• 1
  • 2
  • The Powell Street Trolley glides through the streets of San Francisco on a sunny autumn afternoon.
    An antique touring car from the 1920s speeds through Union Square with a painterly treatment.
    The Powell Street Trolley zooms down the hills of San Francisco overflowing with passengers with the night lights streaking past.
    Impressionist figures rushing down the sidewalk of a busy urban street scene at dusk with squiggles and threads of light from storefronts and traffic.
    Figures bathed and engulfed in the light of a candy store at night.
    Impressionist figures rushing down the sidewalk of a busy urban street scene at night with threads and squiggles of colored light.
    Abstract photo of Christmas lights and headlights streaking across a black background.
    Shadowy figures are engulfed in colorful light.
    Storefronts and restaurants line the walkway that is bathed is sqiggles of colored lights.
    Abstract photo of thousands of chaotic Xmas lights on a black background.
    A vortex of hundreds of threads of light.
    Painterly looking photo of wine grapes with the effect of being sucked into a vineyard.
  • Looking down a trail dappled with sunlight and surrounded by giant redwood trees.
    An painterly abstract scene of a trail leading into a meadow.
    Hikers entering a redwood forest.

Lens Painting is a “triple-motion-blur” technique Zmak has been developing since 2006 in which he uses the lens as a paint brush.

The technique can also use Irmin Roberts’ & Alfred Hitchcock’s “dolly zoom” technique in which the movement of the camera’s position is countered by the zoom of the lens.

Since completing the “A Year in the Vineyard” portfolio and book in May 2010, Zmak has been doing more color in general, but pushing far deeper into the abstract and printing on canvas for a more painterly look.

“As a painter, I could never recreate imagery as I saw it in my mind’s eye. But with a digital camera and the ability to make exposure adjustments based on instant results, my camera lens has become my brush. Seeing a Jim Kasson exhibit on motion blur in 2005 really got me experimenting with motion and time exposures in ways and combinations I’d never thought of before. I’ve also been influenced by David Gubernick and Jack Wasserbach, who have been experimenting with their own styles of motion blur and soft focus, and by Rob Ellis and Bert Ihlenfeld with their approaches to abstract color.”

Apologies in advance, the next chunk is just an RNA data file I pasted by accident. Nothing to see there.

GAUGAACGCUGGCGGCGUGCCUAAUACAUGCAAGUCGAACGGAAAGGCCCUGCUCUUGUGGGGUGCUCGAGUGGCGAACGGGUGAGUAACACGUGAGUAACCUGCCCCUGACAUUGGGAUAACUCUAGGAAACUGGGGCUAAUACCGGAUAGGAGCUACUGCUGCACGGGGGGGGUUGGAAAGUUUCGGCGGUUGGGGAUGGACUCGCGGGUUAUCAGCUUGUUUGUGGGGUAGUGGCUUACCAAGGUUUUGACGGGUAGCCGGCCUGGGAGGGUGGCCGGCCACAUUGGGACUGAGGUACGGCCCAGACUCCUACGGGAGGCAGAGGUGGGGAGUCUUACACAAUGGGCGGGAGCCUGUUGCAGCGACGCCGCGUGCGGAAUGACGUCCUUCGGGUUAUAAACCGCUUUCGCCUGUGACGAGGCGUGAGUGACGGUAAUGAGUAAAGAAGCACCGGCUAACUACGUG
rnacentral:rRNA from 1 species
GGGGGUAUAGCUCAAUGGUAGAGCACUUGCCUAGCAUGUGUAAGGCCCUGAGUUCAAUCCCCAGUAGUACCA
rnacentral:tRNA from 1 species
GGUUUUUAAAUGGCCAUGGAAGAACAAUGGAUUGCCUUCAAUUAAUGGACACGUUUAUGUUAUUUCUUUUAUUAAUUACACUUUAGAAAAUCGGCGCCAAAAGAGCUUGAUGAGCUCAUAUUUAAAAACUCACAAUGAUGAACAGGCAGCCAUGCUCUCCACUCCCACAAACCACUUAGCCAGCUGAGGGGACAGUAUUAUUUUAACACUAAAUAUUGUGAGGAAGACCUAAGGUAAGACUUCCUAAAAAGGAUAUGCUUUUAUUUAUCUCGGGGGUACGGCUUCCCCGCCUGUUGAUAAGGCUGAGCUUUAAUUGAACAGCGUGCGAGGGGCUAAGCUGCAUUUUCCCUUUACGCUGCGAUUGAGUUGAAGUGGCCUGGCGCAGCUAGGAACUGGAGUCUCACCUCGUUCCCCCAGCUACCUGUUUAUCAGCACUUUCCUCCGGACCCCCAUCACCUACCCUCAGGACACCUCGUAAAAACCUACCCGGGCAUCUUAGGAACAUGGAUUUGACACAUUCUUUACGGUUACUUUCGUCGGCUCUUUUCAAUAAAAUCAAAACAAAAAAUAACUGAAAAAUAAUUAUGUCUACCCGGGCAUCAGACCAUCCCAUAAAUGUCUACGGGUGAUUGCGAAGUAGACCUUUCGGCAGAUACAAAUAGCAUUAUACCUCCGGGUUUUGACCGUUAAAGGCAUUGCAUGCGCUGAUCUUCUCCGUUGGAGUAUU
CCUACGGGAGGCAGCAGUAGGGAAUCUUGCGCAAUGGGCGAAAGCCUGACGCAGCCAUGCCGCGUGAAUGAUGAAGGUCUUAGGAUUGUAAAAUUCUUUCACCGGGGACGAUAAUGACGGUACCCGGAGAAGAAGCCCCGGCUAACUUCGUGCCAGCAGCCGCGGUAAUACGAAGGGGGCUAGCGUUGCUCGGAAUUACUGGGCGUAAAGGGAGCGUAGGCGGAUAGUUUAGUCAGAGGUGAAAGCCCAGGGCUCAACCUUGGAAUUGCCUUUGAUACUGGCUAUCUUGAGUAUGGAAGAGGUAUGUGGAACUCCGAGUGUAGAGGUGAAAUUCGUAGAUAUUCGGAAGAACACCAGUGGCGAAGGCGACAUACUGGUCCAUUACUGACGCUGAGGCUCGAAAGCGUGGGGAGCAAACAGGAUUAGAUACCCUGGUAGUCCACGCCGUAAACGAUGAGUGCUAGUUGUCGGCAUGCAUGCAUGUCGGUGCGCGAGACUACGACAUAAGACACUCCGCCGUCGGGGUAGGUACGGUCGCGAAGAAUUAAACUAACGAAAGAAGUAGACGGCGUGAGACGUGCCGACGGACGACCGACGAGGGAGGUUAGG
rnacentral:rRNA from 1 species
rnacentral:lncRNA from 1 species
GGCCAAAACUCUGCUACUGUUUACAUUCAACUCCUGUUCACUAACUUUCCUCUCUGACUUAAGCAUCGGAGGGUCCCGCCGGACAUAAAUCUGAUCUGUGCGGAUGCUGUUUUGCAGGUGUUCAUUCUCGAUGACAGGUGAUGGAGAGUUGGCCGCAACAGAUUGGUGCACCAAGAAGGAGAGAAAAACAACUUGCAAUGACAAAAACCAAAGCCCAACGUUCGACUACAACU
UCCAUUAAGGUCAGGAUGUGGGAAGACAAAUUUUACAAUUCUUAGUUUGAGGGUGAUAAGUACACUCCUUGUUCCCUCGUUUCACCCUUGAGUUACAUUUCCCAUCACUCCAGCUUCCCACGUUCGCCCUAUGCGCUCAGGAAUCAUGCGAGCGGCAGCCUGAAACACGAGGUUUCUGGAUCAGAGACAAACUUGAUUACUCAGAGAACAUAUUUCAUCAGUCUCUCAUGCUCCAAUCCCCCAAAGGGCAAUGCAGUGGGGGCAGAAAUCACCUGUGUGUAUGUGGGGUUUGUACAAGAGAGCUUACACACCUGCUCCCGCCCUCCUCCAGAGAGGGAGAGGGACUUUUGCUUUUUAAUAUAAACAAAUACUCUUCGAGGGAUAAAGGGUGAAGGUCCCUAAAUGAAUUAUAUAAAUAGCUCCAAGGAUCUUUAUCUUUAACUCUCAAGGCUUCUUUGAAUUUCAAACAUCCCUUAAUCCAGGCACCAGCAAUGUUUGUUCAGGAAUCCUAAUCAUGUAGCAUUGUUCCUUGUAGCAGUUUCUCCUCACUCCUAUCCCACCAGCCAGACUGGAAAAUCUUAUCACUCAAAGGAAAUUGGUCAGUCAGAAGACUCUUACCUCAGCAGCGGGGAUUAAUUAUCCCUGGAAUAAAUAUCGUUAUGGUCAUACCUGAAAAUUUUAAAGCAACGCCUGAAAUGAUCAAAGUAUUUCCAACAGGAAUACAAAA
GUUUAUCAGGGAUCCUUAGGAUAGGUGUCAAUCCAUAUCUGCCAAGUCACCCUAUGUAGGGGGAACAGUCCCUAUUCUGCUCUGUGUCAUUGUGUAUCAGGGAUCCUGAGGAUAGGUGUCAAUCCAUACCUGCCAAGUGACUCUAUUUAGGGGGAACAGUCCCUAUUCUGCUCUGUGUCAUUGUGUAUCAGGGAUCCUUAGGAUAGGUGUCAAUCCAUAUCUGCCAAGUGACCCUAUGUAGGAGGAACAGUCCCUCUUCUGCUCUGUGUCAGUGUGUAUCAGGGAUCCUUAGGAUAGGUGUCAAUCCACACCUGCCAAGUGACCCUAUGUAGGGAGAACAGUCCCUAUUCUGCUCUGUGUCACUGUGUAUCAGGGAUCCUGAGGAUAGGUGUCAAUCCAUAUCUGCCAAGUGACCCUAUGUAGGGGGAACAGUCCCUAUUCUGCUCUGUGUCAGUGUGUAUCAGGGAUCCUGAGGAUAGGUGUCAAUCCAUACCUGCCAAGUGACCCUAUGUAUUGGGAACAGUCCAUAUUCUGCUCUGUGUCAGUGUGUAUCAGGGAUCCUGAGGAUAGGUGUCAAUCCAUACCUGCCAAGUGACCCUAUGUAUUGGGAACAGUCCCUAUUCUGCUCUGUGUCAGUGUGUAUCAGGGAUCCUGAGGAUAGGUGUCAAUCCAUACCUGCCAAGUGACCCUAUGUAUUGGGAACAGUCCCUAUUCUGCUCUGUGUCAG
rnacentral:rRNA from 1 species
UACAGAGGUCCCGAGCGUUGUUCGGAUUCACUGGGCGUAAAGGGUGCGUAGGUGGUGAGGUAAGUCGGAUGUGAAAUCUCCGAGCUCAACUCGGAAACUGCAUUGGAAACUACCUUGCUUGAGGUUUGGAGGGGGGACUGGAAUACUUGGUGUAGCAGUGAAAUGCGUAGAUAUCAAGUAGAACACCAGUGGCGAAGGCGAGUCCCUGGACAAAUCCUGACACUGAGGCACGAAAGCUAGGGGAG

In June 2007 on a trip to Catalina, Zmak played around with combining 2 types of motion blur at night in black-and-white: zooming a telephoto lens while rotating the camera in its tripod mount, and walking closely behind people while zooming a wide-angle lens.

A few months later on a trip to Glacier National Park, Zmak combined all 3 types of motion blur during the day on backlit autumn trees: he is in motion (65mph on a windy highway), he is moving the camera in patterns (such as circles or zigzags), and zooming a telephoto lens (100-400mm). Exposures ranged from 1-8 seconds at f32-f38, and sometimes he would add neutral density and polarizing filters to slow down the daylight. This was the effect he was searching for because the patterns were not symmetrical and the streaks of light resembled brush strokes.

In October 2009, the final touches of this “triple-motion-blur” technique came together during Zmak’s “A Year in the Vineyard” project. In September 2010 in San Francisco, and in December 2010 in Carmel and Monterey, he was able to apply the technique with full intention and expectation of the results, and use his “brush.”

In August 2011, B&W+COLOR Magazine gave Zmak a Merit Award in their annual color portfolio competition for a collection of 11 images from San Francisco, Carmel and Monterey. He continues to experiment with the technique in a variety of settings and teaches it in his workshops.